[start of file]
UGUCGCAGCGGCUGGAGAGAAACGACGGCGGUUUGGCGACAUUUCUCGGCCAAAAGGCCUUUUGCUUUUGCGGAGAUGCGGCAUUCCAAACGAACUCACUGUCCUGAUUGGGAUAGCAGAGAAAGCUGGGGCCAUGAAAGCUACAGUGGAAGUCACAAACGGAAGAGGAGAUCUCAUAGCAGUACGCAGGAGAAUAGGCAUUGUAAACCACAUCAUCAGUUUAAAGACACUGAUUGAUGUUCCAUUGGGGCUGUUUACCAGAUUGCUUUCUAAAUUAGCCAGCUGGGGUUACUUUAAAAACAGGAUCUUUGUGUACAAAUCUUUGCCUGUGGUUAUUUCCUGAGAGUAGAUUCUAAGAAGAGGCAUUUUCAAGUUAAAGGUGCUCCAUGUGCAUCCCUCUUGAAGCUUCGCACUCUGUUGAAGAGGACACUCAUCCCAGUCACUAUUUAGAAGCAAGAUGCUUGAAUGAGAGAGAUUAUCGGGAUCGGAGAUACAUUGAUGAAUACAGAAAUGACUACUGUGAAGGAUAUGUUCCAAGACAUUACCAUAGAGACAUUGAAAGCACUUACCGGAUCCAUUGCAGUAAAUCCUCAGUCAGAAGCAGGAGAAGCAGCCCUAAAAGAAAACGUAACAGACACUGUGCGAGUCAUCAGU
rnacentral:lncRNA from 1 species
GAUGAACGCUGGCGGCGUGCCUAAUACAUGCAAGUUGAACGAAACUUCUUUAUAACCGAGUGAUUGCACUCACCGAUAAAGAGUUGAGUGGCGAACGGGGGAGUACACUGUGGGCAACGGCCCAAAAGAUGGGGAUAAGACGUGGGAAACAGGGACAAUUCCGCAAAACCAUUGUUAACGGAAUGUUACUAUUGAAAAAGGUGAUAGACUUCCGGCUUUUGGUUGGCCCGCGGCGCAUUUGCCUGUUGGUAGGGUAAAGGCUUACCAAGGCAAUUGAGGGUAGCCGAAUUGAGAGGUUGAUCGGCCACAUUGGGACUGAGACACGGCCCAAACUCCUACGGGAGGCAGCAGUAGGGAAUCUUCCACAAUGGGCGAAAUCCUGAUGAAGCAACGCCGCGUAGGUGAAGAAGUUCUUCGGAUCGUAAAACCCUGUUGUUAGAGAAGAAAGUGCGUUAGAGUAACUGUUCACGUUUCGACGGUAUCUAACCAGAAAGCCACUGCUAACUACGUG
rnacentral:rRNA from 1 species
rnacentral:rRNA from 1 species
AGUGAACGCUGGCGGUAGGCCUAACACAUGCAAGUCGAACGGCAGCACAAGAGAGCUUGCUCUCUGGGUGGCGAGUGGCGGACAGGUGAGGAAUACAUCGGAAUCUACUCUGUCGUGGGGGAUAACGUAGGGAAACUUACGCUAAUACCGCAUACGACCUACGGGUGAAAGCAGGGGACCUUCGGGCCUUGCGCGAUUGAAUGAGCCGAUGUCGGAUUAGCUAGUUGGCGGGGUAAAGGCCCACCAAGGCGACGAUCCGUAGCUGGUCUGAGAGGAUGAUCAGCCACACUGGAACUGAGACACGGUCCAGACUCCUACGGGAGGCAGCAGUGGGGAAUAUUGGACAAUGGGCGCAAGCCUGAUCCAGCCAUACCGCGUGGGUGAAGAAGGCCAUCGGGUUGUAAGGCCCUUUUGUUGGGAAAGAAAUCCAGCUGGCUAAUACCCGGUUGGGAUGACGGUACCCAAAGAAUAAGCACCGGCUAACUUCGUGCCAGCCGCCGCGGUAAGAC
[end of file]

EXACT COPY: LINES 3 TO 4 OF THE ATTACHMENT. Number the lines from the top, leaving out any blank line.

GAUGAACGCUGGCGGCGUGCCUAAUACAUGCAAGUUGAACGAAACUUCUUUAUAACCGAGUGAUUGCACUCACCGAUAAAGAGUUGAGUGGCGAACGGGGGAGUACACUGUGGGCAACGGCCCAAAAGAUGGGGAUAAGACGUGGGAAACAGGGACAAUUCCGCAAAACCAUUGUUAACGGAAUGUUACUAUUGAAAAAGGUGAUAGACUUCCGGCUUUUGGUUGGCCCGCGGCGCAUUUGCCUGUUGGUAGGGUAAAGGCUUACCAAGGCAAUUGAGGGUAGCCGAAUUGAGAGGUUGAUCGGCCACAUUGGGACUGAGACACGGCCCAAACUCCUACGGGAGGCAGCAGUAGGGAAUCUUCCACAAUGGGCGAAAUCCUGAUGAAGCAACGCCGCGUAGGUGAAGAAGUUCUUCGGAUCGUAAAACCCUGUUGUUAGAGAAGAAAGUGCGUUAGAGUAACUGUUCACGUUUCGACGGUAUCUAACCAGAAAGCCACUGCUAACUACGUG
rnacentral:rRNA from 1 species